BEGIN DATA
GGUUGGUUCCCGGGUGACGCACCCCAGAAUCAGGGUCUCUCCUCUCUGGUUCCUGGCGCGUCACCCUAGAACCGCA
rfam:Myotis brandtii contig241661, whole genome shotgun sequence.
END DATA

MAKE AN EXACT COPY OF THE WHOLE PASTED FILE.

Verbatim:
GGUUGGUUCCCGGGUGACGCACCCCAGAAUCAGGGUCUCUCCUCUCUGGUUCCUGGCGCGUCACCCUAGAACCGCA
rfam:Myotis brandtii contig241661, whole genome shotgun sequence.